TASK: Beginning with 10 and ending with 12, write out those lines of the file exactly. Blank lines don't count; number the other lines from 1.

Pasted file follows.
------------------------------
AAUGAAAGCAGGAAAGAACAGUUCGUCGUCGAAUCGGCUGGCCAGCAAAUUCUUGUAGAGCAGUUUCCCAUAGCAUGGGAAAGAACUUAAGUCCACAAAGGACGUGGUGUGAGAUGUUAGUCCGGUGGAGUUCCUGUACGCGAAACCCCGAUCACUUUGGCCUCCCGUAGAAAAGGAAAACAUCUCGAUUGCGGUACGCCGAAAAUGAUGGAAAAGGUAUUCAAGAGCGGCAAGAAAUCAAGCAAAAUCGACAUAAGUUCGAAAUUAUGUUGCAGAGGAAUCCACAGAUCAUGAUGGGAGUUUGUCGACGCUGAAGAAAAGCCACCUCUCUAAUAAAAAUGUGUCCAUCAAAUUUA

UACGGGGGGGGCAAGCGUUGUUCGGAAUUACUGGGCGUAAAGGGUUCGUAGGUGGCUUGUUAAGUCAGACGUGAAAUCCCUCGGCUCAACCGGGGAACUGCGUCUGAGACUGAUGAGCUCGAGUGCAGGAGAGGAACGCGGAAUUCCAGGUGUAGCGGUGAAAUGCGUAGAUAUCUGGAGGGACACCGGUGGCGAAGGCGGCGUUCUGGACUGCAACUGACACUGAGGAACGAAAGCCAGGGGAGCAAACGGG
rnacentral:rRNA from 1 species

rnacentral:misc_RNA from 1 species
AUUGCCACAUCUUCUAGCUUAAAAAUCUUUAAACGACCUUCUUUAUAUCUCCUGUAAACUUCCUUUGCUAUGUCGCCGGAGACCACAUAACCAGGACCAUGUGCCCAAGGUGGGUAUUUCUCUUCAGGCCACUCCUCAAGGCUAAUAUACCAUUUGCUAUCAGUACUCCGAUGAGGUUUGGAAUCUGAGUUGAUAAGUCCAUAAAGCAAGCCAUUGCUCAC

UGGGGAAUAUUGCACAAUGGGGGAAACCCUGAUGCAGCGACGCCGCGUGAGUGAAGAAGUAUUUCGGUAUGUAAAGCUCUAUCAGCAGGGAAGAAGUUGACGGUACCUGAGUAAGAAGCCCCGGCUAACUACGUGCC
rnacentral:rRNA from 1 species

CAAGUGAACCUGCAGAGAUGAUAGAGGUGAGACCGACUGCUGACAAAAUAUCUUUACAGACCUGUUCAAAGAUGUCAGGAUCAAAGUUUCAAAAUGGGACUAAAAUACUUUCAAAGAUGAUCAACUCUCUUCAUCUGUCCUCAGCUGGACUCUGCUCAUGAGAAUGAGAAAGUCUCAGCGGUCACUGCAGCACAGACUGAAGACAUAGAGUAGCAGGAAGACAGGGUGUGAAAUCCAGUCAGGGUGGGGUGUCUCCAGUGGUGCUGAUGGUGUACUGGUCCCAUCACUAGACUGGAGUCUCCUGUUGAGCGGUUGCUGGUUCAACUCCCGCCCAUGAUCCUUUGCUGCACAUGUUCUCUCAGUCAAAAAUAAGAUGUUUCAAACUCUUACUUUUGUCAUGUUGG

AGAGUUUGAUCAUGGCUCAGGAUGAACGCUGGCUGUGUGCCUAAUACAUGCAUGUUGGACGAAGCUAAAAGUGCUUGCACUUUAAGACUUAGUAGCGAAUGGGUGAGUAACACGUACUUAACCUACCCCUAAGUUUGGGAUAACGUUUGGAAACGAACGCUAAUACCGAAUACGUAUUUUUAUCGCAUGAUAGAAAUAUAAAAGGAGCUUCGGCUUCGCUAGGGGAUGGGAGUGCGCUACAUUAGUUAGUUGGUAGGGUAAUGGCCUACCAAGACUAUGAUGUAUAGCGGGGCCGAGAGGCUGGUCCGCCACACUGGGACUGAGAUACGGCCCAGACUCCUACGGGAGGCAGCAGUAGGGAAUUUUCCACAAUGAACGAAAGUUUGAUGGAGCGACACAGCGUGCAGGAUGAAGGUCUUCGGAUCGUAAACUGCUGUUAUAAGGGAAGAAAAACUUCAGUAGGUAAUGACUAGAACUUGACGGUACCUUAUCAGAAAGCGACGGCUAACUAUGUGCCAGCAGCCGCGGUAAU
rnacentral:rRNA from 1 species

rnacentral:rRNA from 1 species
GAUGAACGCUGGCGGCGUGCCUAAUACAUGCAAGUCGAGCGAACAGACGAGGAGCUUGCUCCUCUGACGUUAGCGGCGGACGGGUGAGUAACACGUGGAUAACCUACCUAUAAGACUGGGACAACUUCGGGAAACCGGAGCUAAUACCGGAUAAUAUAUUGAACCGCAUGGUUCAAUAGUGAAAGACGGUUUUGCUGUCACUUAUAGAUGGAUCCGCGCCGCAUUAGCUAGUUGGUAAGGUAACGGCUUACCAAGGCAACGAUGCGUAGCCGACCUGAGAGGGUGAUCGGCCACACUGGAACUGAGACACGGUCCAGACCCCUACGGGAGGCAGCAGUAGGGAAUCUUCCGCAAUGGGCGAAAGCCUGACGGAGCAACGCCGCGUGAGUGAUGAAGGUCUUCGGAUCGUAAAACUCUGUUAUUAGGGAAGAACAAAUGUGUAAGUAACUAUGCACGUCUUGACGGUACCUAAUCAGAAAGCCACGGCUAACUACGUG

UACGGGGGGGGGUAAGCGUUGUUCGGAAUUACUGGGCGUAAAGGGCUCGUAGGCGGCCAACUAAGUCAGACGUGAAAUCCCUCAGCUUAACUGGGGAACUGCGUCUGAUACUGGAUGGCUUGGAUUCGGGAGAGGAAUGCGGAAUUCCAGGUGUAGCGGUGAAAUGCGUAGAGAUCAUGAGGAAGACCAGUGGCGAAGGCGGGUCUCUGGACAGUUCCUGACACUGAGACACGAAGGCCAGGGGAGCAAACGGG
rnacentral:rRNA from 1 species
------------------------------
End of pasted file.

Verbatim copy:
rnacentral:rRNA from 1 species

rnacentral:rRNA from 1 species
GAUGAACGCUGGCGGCGUGCCUAAUACAUGCAAGUCGAGCGAACAGACGAGGAGCUUGCUCCUCUGACGUUAGCGGCGGACGGGUGAGUAACACGUGGAUAACCUACCUAUAAGACUGGGACAACUUCGGGAAACCGGAGCUAAUACCGGAUAAUAUAUUGAACCGCAUGGUUCAAUAGUGAAAGACGGUUUUGCUGUCACUUAUAGAUGGAUCCGCGCCGCAUUAGCUAGUUGGUAAGGUAACGGCUUACCAAGGCAACGAUGCGUAGCCGACCUGAGAGGGUGAUCGGCCACACUGGAACUGAGACACGGUCCAGACCCCUACGGGAGGCAGCAGUAGGGAAUCUUCCGCAAUGGGCGAAAGCCUGACGGAGCAACGCCGCGUGAGUGAUGAAGGUCUUCGGAUCGUAAAACUCUGUUAUUAGGGAAGAACAAAUGUGUAAGUAACUAUGCACGUCUUGACGGUACCUAAUCAGAAAGCCACGGCUAACUACGUG